After exposure to 107Ag@Au@109Ag, the average Ag uptake by C. virginica was a small fraction (8.6 – 9.0 ± 3.4 %) of the total available Ag. Compared to the isotopic ratios measured for the original core-shell AgNPs, we found increased accumulation of 107Ag in the 1 µg L-1 exposures and the opposite trend (increased accumulation of 109Ag) in the 50 µg L-1 exposures. There was variability among individual oysters both within a size class and across size classes. The hepatopancreas accumulated the most Ag in the 1 µg L-

1. The same trend was not seen in the 50 µg L-1 exposures. The F2 size class (reproductively mature females) accumulated the most Ag in the 1 and 50 µg L-1 exposures, as compared to the other size classes. We interpreted results as preferential uptake of NPs with a reduced Ag109 outer layer at 1 µg L-1 107Ag@Au@109Ag exposures. Furthermore, the increased accumulation in the hepatopancreas suggests that oysters are selecting AgNPs for ingestion. We explain higher 109Ag accumulation in 50 µg L-1 exposures as preferential uptake of nucleated AgNPs (containing only 109Ag) formed from dissolution of the 109Ag outer layer. Individual variability may be due to differences in filtration rate (1-1.5 L h-1 g- tissue weight-1), where larger oysters filter a larger volume of water which may results in greater amounts of Ag accumulated in tissues. Differences could also be caused by differences in energetic demands between oyster size classes or sex. For example, reproductively active individuals (M2 and F2) may require more nutrients to replenish energy spent on creating gametes as compared to not reproductively active individuals (M1 and F1).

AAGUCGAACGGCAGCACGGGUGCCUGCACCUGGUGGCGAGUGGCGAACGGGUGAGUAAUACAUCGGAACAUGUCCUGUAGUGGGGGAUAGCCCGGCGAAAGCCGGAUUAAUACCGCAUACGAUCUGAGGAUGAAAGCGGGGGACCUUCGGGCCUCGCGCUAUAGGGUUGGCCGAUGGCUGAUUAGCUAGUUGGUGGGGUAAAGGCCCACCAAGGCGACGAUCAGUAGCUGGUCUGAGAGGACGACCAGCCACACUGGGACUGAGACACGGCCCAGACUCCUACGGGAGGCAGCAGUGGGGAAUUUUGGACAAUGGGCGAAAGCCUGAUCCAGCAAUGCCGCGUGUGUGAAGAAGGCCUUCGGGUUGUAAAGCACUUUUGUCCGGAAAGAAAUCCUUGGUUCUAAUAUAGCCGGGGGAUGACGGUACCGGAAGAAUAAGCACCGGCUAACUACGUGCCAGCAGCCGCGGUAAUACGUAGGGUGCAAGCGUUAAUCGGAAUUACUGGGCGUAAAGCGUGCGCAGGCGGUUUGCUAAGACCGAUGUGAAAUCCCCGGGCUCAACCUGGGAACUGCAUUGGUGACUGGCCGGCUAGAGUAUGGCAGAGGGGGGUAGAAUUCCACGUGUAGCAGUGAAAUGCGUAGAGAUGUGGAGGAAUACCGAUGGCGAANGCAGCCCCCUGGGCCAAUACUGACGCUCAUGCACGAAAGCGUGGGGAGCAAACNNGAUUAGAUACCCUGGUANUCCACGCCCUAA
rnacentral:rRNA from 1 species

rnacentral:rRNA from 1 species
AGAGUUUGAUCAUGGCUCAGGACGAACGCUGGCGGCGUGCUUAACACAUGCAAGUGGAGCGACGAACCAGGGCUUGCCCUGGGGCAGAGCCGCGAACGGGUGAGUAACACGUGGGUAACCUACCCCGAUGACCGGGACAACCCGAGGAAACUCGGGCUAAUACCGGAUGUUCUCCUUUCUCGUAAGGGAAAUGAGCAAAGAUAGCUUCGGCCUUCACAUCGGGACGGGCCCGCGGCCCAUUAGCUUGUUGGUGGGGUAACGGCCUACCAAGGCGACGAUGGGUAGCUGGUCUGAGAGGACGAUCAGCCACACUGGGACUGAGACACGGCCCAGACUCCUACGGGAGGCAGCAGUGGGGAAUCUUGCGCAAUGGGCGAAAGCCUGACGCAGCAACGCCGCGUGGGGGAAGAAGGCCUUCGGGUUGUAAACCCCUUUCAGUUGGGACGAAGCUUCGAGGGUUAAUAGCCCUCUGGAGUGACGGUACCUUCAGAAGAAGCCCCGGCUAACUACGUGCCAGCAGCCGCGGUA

The main reason for this study was to identify the mechanisms that facilitate AgNP uptake and accumulation by measuring ionic and NP Ag in estuarine organisms after exposure to AgNPs. We have shown that Ag is taken up and accumulated (or strongly bound) within both organisms after exposure to AgNPs with differences in uptake between the particles and ions observed. In both algae and oyster experiments, at low exposure concentrations (1 µg L-1) there was either less Ag than Au accumulation or less 109Ag than 107Ag suggesting that Ag is take up in the NP form. In exposure concentrations of 50 µg L-1 there was more Ag than Au uptake or more 109Ag than 107Ag for algae and oysters, respectively. This suggests that at higher concentrations, ionic Ag is preferentially taken up, most likely in a complexed or nucleated form. Consistent with previous research, our results confirm that Ag is taken up and accumulated by algae and oysters in a dose and time dependent manner when exposed to AgNO3 and has a greater accumulation and inhibition than seen in AgNP exposures. From these data and at current environmental levels of AgNPs, however, no immediate risk of AgNPs to P. minimum or C. virginica is indicated. Further testing and mechanistic understanding of AgNP interactions with marine algae and bivalves should be continued in order to fully understand the mechanisms of AgNP uptake and accumulation and the subsequent effect on estuarine ecosystems.